we discuss how to deal with “Instability Markers,” streamline your school’s housekeeping services, and develop healthy learning environments for students.
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ISM periodically re-analyzes, reconfigures, and updates its list of Stability Markers. The ISM Stability Markers are in continual and widespread use in the private-independent school world as reliable guideposts in strategic planning and strategic financial planning.
As Board President or School Head, you may find it helpful to consider the Stability Markers’ opposite extremes—private-independent school practices that, from ISM’s perspective, are likely to contribute to “strategic instability.” This article may be especially useful in teaching situations, such as in your annual new-Trustee orientation or in presentations to constituents outside the Board and senior administration.
As Business Manager or Facilities Manager, you know that providing housekeeping services is not just about “cleaning.” It’s about how people are motivated to serve “customers.” The challenge for administrators is to provide consistent and continuing leadership to these employees, enabling them to deliver excellent service daily, while keeping an eye on the bottom line. If no one has communicated your housekeeping standards, this often creates confusion and misunderstanding among both your housekeeping staff and their “customers”—your school’s Board, faculty and staff, parents, and students.
In a previous article, we listed observable behaviors that collectively form an action premise from which each Headship develops. In this article, we consider the senior administrator position—those who report directly to the Head and collectively form the Leadership Team.
The essential expectations list is one of two criteria for administrator evaluation. The other criteria are objectives created from the annual administrative agenda. This agenda’s objectives change each year as the strategic needs of the school continue to evolve, as articulated through the Board’s strategic plan/strategic financial plan. The essential expectations, on the other hand, are a constant reflecting the observable behaviors that the School Head expects each member the Leadership Team to exhibit and the Head evaluates.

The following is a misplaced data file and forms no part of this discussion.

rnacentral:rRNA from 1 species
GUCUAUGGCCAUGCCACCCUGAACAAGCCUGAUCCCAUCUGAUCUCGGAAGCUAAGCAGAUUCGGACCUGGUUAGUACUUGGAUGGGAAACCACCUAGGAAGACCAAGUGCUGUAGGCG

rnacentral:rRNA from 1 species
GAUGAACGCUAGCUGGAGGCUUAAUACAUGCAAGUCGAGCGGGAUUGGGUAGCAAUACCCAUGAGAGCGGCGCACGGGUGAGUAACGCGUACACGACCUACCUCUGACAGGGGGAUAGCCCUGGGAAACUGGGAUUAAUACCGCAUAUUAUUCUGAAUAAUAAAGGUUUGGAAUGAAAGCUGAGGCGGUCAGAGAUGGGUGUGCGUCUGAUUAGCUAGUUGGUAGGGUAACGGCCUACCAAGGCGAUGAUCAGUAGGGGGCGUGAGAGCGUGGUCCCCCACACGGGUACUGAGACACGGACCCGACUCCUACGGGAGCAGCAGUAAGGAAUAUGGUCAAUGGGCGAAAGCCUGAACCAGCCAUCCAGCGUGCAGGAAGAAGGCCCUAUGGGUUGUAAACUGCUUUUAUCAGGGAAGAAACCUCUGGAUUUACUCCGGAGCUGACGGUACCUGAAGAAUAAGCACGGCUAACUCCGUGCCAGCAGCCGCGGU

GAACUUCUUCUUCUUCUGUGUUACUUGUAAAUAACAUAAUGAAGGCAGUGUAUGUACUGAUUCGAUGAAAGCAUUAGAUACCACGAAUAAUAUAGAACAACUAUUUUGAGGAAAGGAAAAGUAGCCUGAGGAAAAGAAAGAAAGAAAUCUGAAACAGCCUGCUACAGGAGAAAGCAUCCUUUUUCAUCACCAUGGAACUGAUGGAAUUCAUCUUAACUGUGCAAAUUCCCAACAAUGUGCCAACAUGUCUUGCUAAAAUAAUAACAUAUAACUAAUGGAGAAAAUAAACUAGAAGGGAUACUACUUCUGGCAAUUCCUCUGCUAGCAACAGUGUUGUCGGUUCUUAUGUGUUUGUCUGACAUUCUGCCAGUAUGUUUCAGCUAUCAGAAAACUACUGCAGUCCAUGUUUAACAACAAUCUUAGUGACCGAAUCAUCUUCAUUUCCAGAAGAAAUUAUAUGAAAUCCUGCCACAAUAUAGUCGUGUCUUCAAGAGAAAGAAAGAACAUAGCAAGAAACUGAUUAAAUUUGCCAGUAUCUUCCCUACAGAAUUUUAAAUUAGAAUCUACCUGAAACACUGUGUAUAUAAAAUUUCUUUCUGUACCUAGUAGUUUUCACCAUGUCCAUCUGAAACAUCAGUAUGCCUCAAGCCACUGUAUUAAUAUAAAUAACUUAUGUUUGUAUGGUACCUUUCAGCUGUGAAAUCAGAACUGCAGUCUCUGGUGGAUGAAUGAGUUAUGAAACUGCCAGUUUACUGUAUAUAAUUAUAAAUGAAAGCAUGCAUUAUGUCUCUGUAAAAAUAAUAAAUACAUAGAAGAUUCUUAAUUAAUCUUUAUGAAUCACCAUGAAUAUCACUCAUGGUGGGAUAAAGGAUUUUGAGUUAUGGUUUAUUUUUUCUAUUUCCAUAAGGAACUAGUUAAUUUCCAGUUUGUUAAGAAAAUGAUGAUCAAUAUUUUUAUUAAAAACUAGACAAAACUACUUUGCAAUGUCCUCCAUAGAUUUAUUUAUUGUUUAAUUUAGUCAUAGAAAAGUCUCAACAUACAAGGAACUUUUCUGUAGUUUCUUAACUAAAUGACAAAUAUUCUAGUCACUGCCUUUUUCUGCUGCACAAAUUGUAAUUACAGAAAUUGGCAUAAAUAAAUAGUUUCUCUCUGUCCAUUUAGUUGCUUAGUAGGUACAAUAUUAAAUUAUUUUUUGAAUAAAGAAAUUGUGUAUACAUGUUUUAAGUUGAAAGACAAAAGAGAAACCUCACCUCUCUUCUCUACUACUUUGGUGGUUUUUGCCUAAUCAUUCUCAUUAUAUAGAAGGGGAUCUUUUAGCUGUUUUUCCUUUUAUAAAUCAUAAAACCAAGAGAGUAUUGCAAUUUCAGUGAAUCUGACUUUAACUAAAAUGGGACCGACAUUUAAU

ISM has written much over the years about Head evaluation. We now update and further explain the basis for the employer/employee relationship between the Board of Trustees and the School Head.
An understanding of the critical distinction between the strategic plane and the operations plane resides at the heart of private-independent school governance. The Board lives on the strategic plane with its actions and focus encapsulated in the strategic plan/strategic financial plan. This vision of the school’s future, with its companion fiscally conservative assumptions, provides the guide rails to Board action through the annual Board agenda and to operations action through the annual administrative agenda. Thus, the strategic plane not only determines the school’s visionary future but, by direct implication, also determines the most important actions to take on the operations plane by the School Head and administration. The direction is inviolate—the Board decides the school’s direction and only the Board can change that direction. The School Head controls how to make that direction operational and has almost complete discretion over that, limited only by the strategic financial plan’s fiscal assumptions.
In ISM’s Advancement Model, we advocate strategically integrating admission, marketing communications, and development at the service of your school’s mission. This model facilitates a united function that inspires and manages the flow of resources into the school—recruiting and re-recruiting students and their families and inviting philanthropic investment.
In a previous article, we provided four factors to keep in mind when considering facilities planning.
- Curriculum does not drive facility needs.
- Environmental regulatory concerns and communications infrastructure require a flexible approach.
- Design matters to students, and their voice is important.
- Facilities must move from command and control (adult-centered) to multifunctional collaborative learning (student-centered).
We now expand these factors to inform key campus master development planning.